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Insights into Editorial: Should India have two time zones?


Insights into Editorial: Should India have two time zones?


 

 

Background:

The time difference between the westernmost part of India and the easternmost point is approximately two hours, the effect of which is that the sun rises and sets much earlier than it does in the rest of the country. 

Most Indians are not particularly worried about Indian Standard Time (IST), except for those who live in the Northeast where the sun rises around 4 a.m. in summer, and gets dark well before 4 p.m. in winter.

 

Context: A new report advocating 2 time zones in India

A proposal for two time zones has come from India’s national timekeeper itself.

Scientists at the Council of Scientific & Industrial Research’s National Physical Laboratory (CSIR-NPL) have now argued that IST should be done away with at the Chicken’s Neck.

There is a request to change the temporal modalities of the Indian nation-state from its official time-keeper.

 

Why there is Necessity of Two time zones:

Over the years, various citizens and political leaders have debated whether India should have two separate time zones.

The demand is based on the huge difference in daylight times between the country’s longitudinal extremes, and the costs associated with following the same time zone.

Those arguing against the idea, on the other hand, cite impracticability particularly the risk of railway accidents, given the need to reset times at every crossing from one time zone into another.

 

Possible Impact of change in time zones:

Northeast India would move an hour ahead, increasing the region’s productive, daylight hours and the country’s potential energy savings could amount to a whopping 20 million kWh a year.

Offices could open sooner after sunrise, and perhaps workers could even savour the last dregs of dusk as they trudge towards home or their desired form of recreation.

Biomedical research has consistently pointed to the physical and psychological benefits of aligning circadian (sleep) rhythms to the sun’s rising and setting.

 

Problems of different time zones in India:

India has a huge population; if the country were divided into two time zones, there would be chaos at the border between the two zones. It would mean resetting clocks with each crossing of the time zone.

There is scope for more dangerous kinds of confusion.

  • Railway signals are not fully automated and many routes have single tracks.
  • Trains may meet with major accidents owing to human errors. Just one such accident would wipe out any benefits resulting from different time zones in the country.

Partitioning the already divided country further into time zones may also have undesirable political consequences. Moreover, our research shows that the energy saving from creating two time zones is not particularly large.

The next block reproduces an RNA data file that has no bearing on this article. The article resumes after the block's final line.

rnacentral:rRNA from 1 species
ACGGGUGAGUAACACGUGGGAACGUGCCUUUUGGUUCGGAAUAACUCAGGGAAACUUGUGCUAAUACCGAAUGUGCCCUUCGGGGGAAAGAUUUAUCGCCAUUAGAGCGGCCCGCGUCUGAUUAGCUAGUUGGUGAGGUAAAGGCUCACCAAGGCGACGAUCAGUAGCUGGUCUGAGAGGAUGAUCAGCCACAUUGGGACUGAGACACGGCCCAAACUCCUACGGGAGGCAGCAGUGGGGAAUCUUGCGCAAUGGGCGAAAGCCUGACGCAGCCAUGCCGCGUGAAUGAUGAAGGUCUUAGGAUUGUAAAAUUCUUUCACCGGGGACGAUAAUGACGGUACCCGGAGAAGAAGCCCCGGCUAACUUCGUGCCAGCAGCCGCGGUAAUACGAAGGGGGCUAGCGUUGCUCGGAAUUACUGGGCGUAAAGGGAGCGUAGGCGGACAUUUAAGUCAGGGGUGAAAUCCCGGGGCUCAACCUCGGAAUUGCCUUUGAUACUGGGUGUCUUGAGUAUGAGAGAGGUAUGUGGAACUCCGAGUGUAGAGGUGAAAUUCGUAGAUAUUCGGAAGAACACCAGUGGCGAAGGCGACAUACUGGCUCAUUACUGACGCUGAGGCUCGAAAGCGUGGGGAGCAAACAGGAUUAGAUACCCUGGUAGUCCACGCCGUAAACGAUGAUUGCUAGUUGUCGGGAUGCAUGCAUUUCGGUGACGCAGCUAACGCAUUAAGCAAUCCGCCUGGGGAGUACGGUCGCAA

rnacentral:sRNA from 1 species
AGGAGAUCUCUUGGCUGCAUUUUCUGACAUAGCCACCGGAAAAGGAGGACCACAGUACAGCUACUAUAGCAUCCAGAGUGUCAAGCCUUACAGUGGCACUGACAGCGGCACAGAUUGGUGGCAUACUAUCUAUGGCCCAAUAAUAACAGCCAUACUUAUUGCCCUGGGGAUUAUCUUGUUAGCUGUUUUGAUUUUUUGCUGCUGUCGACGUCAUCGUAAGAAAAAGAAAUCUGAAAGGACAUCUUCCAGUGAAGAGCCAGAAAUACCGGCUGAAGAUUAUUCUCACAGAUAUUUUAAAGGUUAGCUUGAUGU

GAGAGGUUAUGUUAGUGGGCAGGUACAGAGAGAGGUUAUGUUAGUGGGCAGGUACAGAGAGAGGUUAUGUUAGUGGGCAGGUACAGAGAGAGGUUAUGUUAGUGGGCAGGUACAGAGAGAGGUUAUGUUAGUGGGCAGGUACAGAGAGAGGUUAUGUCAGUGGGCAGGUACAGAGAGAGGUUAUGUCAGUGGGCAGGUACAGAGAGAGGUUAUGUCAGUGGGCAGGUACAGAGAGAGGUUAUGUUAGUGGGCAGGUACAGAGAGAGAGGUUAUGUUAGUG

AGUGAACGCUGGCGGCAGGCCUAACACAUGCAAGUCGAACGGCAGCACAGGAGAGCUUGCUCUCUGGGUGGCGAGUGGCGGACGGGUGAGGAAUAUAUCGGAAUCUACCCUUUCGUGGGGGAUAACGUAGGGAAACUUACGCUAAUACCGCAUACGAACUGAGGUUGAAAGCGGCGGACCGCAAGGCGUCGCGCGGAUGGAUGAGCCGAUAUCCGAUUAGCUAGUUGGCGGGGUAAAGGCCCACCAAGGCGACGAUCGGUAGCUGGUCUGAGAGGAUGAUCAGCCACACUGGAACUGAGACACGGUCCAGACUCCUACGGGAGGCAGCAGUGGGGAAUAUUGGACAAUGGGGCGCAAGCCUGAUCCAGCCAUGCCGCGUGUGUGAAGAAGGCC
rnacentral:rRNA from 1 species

While there is merit in the argument, the potentially adverse consequences of introducing a new time zone within the country are many.

For Instance, Not forgetting the fact that a country like Russia has as many as nine time zones across contiguous territory, having to cope with the zones and to be forced to reset the watch each time you need to cross a domestic line could be complicated.

With a time difference of one hour in the mornings and in the evenings, there would be nearly 25% less overlap between office timings in the two zones. This could be important for banks, offices, industries and multinational companies which need to be constantly interconnected.

This will be further detrimental to productivity and to the interests of the eastern region.

There is already a sense of alienation between the relatively prosperous and industrialised western zone and the less developed eastern zone. The people in the Northeast sense a distance from the mainland and a separateness in clock time may accentuate it.

Having a separate time zone for the eastern region will provide no energy or other benefits to the rest of the country.

Moreover, India will continue to be in off-set time zones, five and a half hours in the west and six and a half in the eastern region ahead of.

 

Hurdles in implementation:

A long-standing argument against doing away with IST has been it would confuse the railway infrastructure.

In a country with so many diversities to amalgamate into a proverbial unity, asking the people of the Northeast to wake up an hour earlier might lead to yet another point of difference.

 

Alternative to the present proposal:

One proposal is to introduce neither time zones nor DST, but to advance IST by half an hour to being six hours ahead of GMT, once and permanently.

Such a suggestion has been made before, but until now no one has computed the energy savings that would accrue as a result using a correct model and dependable data.

This proposal of advancing IST by half an hour avoids the problems apprehended in the other two proposals (of time zones and DST) but provides maximum energy saving during evening hours when the utilities fail to supply continuous power.

 

Conclusion:

It is now time to initiate a process of consultation to consider all sides of the question afresh.

What might be seriously examined is a proposal of some researchers, including those from the National Institute of Advanced Studies in Bangalore and Scientists at the Council of Scientific & Industrial Research’s National Physical Laboratory (CSIR-NPL), to set the IST forward by half an hour so that it is six hours ahead of Universal Coordinated Time.

This will mean advancing the point of reckoning at 82.5 degree East to 90 degree East, which will fall at a longitude along the West Bengal-Assam border.

That should go some way in meeting Assam’s demand, and help avoid potential grievances from north western India about corresponding inconveniences that an advancing by one full hour could entail for it in terms of late sunrise time.